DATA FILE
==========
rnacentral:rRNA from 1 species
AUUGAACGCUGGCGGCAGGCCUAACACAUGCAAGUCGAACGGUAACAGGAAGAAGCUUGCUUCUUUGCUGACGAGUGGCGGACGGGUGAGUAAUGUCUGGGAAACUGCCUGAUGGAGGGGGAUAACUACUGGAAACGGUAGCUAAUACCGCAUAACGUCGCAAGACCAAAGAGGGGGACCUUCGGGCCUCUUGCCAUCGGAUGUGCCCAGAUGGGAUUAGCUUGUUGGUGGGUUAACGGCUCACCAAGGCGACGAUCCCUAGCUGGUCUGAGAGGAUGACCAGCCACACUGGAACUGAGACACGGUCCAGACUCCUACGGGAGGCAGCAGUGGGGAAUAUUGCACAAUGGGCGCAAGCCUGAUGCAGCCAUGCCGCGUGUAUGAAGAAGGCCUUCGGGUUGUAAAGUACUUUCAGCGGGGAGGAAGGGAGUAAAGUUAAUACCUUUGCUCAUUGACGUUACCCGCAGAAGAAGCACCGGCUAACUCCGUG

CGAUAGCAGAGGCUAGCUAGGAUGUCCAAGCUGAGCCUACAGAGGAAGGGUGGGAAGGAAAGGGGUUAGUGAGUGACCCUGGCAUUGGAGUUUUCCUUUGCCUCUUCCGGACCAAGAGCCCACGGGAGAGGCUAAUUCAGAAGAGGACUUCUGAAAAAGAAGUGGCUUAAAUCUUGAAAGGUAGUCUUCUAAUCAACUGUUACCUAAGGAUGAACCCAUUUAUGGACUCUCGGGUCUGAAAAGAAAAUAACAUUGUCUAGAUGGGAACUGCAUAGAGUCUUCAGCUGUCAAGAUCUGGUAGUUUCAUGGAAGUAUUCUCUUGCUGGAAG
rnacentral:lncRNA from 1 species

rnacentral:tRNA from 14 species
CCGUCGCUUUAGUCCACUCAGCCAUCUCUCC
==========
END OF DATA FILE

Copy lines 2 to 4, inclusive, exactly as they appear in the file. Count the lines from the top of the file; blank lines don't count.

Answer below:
AUUGAACGCUGGCGGCAGGCCUAACACAUGCAAGUCGAACGGUAACAGGAAGAAGCUUGCUUCUUUGCUGACGAGUGGCGGACGGGUGAGUAAUGUCUGGGAAACUGCCUGAUGGAGGGGGAUAACUACUGGAAACGGUAGCUAAUACCGCAUAACGUCGCAAGACCAAAGAGGGGGACCUUCGGGCCUCUUGCCAUCGGAUGUGCCCAGAUGGGAUUAGCUUGUUGGUGGGUUAACGGCUCACCAAGGCGACGAUCCCUAGCUGGUCUGAGAGGAUGACCAGCCACACUGGAACUGAGACACGGUCCAGACUCCUACGGGAGGCAGCAGUGGGGAAUAUUGCACAAUGGGCGCAAGCCUGAUGCAGCCAUGCCGCGUGUAUGAAGAAGGCCUUCGGGUUGUAAAGUACUUUCAGCGGGGAGGAAGGGAGUAAAGUUAAUACCUUUGCUCAUUGACGUUACCCGCAGAAGAAGCACCGGCUAACUCCGUG

CGAUAGCAGAGGCUAGCUAGGAUGUCCAAGCUGAGCCUACAGAGGAAGGGUGGGAAGGAAAGGGGUUAGUGAGUGACCCUGGCAUUGGAGUUUUCCUUUGCCUCUUCCGGACCAAGAGCCCACGGGAGAGGCUAAUUCAGAAGAGGACUUCUGAAAAAGAAGUGGCUUAAAUCUUGAAAGGUAGUCUUCUAAUCAACUGUUACCUAAGGAUGAACCCAUUUAUGGACUCUCGGGUCUGAAAAGAAAAUAACAUUGUCUAGAUGGGAACUGCAUAGAGUCUUCAGCUGUCAAGAUCUGGUAGUUUCAUGGAAGUAUUCUCUUGCUGGAAG
rnacentral:lncRNA from 1 species